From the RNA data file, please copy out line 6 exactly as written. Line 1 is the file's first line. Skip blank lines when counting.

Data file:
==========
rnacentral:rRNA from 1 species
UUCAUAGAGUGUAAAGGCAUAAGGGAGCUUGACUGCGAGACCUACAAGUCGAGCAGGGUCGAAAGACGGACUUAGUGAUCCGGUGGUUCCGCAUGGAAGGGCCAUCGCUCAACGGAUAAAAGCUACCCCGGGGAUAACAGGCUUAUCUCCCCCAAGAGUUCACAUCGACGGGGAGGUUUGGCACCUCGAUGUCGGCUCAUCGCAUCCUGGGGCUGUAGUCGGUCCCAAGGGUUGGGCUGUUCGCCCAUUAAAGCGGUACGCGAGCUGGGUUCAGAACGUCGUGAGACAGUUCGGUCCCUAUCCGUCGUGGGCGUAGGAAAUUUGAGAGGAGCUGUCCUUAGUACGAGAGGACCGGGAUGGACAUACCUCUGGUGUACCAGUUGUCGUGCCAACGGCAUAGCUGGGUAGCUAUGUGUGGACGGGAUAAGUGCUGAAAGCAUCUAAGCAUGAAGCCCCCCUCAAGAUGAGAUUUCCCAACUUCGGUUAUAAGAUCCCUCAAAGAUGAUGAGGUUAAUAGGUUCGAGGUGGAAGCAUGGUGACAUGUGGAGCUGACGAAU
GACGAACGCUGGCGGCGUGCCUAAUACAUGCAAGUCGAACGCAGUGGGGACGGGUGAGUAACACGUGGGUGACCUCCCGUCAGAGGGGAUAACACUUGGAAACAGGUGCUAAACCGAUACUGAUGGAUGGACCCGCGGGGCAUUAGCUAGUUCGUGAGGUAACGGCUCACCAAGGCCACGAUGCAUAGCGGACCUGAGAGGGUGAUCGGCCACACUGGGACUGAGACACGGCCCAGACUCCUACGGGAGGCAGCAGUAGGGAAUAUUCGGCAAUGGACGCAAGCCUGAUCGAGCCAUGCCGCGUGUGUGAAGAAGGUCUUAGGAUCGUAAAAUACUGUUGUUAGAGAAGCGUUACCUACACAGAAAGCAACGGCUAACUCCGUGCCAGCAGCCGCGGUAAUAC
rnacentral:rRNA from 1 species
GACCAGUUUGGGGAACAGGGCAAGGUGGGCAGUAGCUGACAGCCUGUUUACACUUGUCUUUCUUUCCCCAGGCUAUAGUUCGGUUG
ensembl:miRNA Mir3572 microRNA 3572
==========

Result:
ensembl:miRNA Mir3572 microRNA 3572